Forget singing holograms, the future of Japanese synthetic performers is robo-thespians.
A couple of weeks ago we skipped merrily down the uncanny valley with a hospital robot designed to keep patients company. But now it seems that the android in question has grown weary of its humdrum existence of sitting in hospital rooms creeping people out, and has given it all up for a life on stage.
Director Oriza Hirata cast the Geminoid-F, which is controlled by a human actress in a booth behind the stage, in the part of an android caretaker looking after a terminally ill girl whose parents have abandoned her. The droid was custom built for the play with only the servos it needed to perform its part, cutting the usual price tag of $1.2 million dollars by 90%.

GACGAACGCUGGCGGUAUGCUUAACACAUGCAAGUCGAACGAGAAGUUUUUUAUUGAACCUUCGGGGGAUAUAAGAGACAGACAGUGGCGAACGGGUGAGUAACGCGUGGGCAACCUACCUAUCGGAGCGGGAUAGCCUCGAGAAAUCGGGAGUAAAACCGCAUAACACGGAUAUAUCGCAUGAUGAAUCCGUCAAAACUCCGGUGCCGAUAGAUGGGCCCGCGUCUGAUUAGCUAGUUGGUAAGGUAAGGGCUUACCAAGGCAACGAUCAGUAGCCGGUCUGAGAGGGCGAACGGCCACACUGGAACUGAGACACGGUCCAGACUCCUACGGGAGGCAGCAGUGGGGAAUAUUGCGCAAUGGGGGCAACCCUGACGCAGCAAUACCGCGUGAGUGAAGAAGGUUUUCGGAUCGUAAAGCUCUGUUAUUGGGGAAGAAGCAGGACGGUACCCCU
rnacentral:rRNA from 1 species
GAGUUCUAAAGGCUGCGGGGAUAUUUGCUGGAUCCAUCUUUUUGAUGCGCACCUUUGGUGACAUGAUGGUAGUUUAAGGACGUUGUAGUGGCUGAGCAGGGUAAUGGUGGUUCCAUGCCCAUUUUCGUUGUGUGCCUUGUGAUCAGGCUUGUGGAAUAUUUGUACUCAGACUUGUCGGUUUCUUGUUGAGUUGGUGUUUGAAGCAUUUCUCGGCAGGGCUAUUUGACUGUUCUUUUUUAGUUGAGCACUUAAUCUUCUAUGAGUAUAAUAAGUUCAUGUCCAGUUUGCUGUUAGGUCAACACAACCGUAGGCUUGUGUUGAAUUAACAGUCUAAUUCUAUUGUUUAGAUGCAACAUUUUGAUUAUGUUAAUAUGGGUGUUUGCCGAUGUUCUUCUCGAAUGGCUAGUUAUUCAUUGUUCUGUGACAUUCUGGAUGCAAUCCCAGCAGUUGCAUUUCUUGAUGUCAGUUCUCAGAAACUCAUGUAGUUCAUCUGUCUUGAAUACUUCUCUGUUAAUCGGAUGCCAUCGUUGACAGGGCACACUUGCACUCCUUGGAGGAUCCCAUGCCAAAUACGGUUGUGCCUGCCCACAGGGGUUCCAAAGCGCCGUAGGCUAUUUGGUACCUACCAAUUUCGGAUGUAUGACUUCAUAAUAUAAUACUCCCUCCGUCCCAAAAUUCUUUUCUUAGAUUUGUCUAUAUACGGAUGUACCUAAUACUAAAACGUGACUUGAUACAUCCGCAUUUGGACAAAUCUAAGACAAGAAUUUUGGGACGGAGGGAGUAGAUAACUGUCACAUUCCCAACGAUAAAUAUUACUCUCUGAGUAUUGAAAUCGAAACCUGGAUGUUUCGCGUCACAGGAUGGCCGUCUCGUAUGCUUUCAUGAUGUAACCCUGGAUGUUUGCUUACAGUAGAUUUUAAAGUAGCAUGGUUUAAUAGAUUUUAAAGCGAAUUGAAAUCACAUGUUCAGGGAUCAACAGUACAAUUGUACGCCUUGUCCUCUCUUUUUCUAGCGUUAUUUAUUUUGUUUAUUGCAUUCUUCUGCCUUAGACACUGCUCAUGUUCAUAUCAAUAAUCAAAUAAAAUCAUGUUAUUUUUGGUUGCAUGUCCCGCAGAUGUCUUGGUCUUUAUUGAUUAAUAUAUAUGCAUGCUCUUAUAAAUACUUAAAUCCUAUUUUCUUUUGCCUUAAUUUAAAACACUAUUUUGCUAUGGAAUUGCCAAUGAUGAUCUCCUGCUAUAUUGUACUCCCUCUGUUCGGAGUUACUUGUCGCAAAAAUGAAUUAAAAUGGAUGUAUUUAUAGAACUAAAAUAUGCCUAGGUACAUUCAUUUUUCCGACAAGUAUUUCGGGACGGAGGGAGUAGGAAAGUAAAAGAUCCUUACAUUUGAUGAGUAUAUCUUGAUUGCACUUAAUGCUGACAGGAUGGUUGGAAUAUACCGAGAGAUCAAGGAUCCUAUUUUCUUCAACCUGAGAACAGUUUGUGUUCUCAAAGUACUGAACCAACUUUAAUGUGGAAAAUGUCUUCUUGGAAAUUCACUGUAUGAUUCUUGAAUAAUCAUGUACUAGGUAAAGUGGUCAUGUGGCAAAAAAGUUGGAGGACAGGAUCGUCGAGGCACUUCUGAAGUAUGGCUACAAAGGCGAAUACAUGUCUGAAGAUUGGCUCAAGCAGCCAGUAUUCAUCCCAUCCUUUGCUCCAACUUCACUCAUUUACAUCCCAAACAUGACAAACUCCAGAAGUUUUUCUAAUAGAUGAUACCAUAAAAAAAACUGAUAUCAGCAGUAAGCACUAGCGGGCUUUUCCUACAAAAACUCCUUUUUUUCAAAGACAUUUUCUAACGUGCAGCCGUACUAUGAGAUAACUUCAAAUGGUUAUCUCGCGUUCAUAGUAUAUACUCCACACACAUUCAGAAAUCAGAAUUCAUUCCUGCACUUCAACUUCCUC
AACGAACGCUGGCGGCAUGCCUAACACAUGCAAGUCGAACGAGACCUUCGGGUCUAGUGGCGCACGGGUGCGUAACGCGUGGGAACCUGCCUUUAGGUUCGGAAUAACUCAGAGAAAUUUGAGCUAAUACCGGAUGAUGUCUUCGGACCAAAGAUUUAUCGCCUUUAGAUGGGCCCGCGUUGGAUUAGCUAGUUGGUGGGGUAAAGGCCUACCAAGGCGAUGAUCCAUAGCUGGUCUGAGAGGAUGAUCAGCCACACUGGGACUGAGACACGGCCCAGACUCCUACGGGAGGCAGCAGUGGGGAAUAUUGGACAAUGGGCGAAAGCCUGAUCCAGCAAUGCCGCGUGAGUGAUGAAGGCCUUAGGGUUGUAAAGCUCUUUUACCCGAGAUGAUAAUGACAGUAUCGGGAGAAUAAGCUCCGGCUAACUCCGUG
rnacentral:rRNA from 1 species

Hirata said that robots could actually be better on stage than humans, because you could cherry pick the best techniques and movements from different actors and program them all in. The robot's human co-star, Bryerly Long, wasn't convinced however, saying that she felt like she was alone on stage, and that the robot lacked the human presence that another flesh and blood actor provided.
Despite Long's reservations, Hirata said that the robot did a great job of boosting ticket sales, and that he expected around 600 people to come and watch the play over the course of its two-day run.